(Poem #1001) The Nymph's Reply to the Shepherd
If all the world and love were young, And truth in every shepherd's tongue, These pretty pleasures might me move To live with thee and be thy love. Time drives the flocks from field to fold When rivers rage and rocks grow cold, And Philomel becometh dumb; The rest complains of cares to come. The flowers do fade, and wanton fields To wayward winter reckoning yields; A honey tongue, a heart of gall, Is fancy's spring, but sorrow's fall, Thy gowns, thy shoes, thy beds of roses, Thy cap, thy kirtle, and thy posies Soon break, soon wither, soon forgotten-- In folly ripe, in reason rotten. Thy belt of straw and ivy buds, Thy coral claps and somber studs, All these in me no means can move To come to thee and be thy love. But could youth last and love still breed, Had joys no date nor age no need, Then these delights my mind might move To live with thee and be thy love.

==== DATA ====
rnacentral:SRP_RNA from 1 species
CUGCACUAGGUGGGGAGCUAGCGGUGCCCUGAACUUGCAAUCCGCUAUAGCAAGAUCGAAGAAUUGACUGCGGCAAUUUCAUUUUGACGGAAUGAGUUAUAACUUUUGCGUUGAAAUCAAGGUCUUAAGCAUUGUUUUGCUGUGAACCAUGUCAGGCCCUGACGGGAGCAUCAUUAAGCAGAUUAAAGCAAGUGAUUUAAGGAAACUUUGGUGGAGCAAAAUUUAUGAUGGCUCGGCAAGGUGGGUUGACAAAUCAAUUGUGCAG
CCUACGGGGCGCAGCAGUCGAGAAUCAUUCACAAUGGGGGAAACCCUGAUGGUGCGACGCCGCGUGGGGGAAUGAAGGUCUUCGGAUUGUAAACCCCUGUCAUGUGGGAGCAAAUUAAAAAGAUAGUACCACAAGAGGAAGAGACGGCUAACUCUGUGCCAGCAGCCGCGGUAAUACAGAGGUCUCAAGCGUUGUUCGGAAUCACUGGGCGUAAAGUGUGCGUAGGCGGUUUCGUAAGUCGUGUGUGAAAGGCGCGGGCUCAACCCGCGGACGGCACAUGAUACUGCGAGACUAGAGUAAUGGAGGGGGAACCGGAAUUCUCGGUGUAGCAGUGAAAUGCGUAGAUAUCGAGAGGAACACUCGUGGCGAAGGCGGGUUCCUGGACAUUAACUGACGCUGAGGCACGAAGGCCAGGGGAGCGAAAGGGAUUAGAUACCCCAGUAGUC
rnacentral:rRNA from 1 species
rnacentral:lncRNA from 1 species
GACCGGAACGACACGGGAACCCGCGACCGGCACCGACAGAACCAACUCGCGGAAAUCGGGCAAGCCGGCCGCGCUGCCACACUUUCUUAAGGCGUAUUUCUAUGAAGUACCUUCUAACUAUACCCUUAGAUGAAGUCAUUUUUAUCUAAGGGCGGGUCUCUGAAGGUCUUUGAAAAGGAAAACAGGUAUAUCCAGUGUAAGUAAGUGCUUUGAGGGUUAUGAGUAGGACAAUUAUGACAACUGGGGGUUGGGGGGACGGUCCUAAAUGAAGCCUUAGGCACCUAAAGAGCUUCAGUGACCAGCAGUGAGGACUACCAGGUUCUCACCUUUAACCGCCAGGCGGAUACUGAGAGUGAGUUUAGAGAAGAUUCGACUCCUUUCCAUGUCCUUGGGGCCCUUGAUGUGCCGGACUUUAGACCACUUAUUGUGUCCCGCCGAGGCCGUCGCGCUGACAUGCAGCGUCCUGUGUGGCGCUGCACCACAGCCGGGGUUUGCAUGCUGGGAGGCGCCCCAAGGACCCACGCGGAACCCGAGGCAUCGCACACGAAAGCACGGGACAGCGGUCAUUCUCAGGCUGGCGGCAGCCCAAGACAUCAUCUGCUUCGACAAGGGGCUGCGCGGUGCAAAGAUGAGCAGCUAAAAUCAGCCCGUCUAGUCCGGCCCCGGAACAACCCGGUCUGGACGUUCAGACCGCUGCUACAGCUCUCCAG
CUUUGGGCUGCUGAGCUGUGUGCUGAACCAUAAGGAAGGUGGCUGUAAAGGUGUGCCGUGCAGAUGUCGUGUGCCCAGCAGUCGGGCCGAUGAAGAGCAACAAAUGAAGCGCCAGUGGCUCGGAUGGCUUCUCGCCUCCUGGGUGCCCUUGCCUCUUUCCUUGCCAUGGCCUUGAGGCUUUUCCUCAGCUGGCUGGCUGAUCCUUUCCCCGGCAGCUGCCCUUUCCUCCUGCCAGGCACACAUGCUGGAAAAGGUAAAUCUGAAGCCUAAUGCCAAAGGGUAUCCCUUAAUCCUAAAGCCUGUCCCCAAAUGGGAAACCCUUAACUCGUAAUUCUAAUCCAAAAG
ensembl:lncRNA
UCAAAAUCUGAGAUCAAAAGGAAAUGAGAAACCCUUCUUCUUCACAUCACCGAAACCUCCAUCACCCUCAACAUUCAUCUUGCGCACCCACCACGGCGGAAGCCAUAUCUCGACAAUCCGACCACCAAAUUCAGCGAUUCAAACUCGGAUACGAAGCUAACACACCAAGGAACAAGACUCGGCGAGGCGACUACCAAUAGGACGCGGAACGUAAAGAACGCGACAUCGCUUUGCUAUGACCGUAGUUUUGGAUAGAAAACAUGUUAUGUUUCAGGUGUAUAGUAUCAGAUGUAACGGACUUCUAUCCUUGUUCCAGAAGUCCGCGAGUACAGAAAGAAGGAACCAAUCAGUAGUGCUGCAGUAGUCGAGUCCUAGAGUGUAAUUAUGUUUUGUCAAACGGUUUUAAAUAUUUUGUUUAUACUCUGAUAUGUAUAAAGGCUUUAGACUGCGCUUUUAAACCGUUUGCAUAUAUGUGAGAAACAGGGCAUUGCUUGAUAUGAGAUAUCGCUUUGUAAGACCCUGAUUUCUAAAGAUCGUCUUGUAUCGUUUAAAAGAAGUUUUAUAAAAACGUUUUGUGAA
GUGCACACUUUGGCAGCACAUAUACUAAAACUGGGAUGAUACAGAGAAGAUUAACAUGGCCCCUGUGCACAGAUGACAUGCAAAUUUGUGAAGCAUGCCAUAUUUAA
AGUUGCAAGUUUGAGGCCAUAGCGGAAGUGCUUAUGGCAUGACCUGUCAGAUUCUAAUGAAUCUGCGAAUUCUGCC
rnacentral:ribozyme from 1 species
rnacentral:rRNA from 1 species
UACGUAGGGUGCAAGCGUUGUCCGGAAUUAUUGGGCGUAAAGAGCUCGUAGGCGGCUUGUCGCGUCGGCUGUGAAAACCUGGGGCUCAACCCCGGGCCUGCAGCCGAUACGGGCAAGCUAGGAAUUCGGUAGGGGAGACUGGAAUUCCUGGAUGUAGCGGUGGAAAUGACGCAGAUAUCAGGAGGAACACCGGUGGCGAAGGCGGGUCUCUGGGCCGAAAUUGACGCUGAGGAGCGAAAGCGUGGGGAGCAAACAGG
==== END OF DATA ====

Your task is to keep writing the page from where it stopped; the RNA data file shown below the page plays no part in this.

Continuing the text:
It seems ironic. Sir Walter Raleigh was the romantic favourite of Queen Elizabeth I, famed in legend for (among other things) spreading his cloak over a puddle so that Her Majesty might not get her feet wet. Christopher Marlowe, on the other hand, was a spy whose intrigues led him to a nasty end, stabbed to death in a tavern brawl in one of the seamier parts of London. And yet it's the latter who wrote "The Passionate Shepherd", a cheerfully optimistic piece that charms and delights in its seeming naivete; it's the former who responded with "The Nymph's Reply", a cynical rejoinder that is nonetheless more worldly-wise, more cognizant of the wisdom of experience and disappointment. I'm not sure which of the two poems I like better. On balance, I think Raleigh's. thomas. [Notes] "And Philomel becometh dumb" - the name Philomel is often used in poetry to refer to the nightingale, after the legend of Philomel: "In Greek legend, Tereus was a king of Thrace who married Procne, daughter of Pandion, king of Athens. Tereus seduced Procne's sister Philomela, pretending that Procne was dead. In order to hide his guilt, he cut out Philomela's tongue. But she revealed the crime to her sister by working the details in embroidery. Procne sought revenge by serving up her son Itys for Tereus' supper. On learning what Procne had done, Tereus pursued the two sisters with an ax. But the gods took pity and changed them all into birds, Tereus into a hoopoe (or hawk), Procne into a nightingale (or swallow), and Philomela into a swallow (or nightingale)." -- EB The themes of betrayal, faithlessness and deception in the Philomel story jibe nicely with today's poem; they are used to similar effect in Eliot's masterpiece "The Waste Land". [Minstrels Links] Poem #997, The Passionate Shepherd to His Love -- Christopher Marlowe Poem #354, (an excerpt from) The Waste Land -- T. S. Eliot Poem #858, (another excerpt from) The Waste Land -- T. S. Eliot Poem #859, Waste Land Limericks -- Wendy Cope